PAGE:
Master of Arts (MA)
Faculty of Science
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Microaggressions are subtle, often-unintentional forms of discrimination that convey negative messages about targeted individuals. While empirical attention to sexual orientation microaggressions is growing, little is known about their prevalence among specific groups of sexual minorities. Using data (n = 438) from the US-based National Study of LGBTQ Student Success, this study examines: (1) the prevalence of both general sexual orientation microaggressions and erasure of sexuality and hypersexualization microaggressions among bisexual college students and their gay/lesbian peers; (2) the relationship between each type of microaggression and sexual orientation on student outcomes (depression, substance use, and social acceptance); (3) the role of gender in prevalence rates of microaggressions and the microaggression-sexuality-outcome relationship. Results indicate that gay/lesbian and bisexual students experience both forms of microaggressions at similar rates, and general microaggressions, and erasure and hypersexualization microaggressions increased gay/lesbian students’ risk for substance use and lower perceptions of social acceptance.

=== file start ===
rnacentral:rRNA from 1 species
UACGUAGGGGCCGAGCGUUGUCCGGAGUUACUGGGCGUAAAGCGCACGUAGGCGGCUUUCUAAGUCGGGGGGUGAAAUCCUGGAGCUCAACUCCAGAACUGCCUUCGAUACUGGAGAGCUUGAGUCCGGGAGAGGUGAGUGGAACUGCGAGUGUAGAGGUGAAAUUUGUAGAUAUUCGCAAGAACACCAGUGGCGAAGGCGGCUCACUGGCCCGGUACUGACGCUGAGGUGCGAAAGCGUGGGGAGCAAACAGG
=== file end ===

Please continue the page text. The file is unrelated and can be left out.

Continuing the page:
Sariyannis, Pamela Ms., "Sexual Orientation Microaggressions on Campus: Prevalence and Outcomes among Lesbian/Gay and Bisexual Students" (2016). Theses and Dissertations (Comprehensive). 1846.